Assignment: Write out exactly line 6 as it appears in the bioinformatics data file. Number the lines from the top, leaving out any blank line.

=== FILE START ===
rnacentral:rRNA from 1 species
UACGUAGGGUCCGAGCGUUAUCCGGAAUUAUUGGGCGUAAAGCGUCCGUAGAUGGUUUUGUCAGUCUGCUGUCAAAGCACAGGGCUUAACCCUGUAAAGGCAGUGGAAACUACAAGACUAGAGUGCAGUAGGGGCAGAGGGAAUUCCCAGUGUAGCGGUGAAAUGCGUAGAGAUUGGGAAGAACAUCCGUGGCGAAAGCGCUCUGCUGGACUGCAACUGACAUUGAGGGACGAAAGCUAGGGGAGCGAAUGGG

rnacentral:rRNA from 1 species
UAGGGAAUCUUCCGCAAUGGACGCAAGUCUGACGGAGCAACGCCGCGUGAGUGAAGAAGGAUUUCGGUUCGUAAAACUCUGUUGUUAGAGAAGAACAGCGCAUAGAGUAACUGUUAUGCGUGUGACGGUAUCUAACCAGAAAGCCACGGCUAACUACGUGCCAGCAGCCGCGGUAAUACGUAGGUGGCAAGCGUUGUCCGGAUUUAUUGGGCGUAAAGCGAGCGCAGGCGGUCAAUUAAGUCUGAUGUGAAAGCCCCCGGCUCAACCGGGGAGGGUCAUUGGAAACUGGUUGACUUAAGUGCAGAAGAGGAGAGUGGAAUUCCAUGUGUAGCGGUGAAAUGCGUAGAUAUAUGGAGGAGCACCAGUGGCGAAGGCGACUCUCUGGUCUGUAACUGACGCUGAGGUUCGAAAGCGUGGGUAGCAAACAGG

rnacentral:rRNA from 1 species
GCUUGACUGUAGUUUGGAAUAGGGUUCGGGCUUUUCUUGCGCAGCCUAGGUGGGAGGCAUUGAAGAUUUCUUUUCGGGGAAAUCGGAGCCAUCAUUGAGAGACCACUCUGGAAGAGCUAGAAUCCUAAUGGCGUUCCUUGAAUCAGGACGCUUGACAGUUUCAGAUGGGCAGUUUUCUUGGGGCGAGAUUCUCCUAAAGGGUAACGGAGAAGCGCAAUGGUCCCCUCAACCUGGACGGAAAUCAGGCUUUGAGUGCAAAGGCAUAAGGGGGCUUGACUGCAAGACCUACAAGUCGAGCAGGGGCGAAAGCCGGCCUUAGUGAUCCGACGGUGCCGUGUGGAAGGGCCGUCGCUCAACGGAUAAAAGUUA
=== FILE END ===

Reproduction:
GCUUGACUGUAGUUUGGAAUAGGGUUCGGGCUUUUCUUGCGCAGCCUAGGUGGGAGGCAUUGAAGAUUUCUUUUCGGGGAAAUCGGAGCCAUCAUUGAGAGACCACUCUGGAAGAGCUAGAAUCCUAAUGGCGUUCCUUGAAUCAGGACGCUUGACAGUUUCAGAUGGGCAGUUUUCUUGGGGCGAGAUUCUCCUAAAGGGUAACGGAGAAGCGCAAUGGUCCCCUCAACCUGGACGGAAAUCAGGCUUUGAGUGCAAAGGCAUAAGGGGGCUUGACUGCAAGACCUACAAGUCGAGCAGGGGCGAAAGCCGGCCUUAGUGAUCCGACGGUGCCGUGUGGAAGGGCCGUCGCUCAACGGAUAAAAGUUA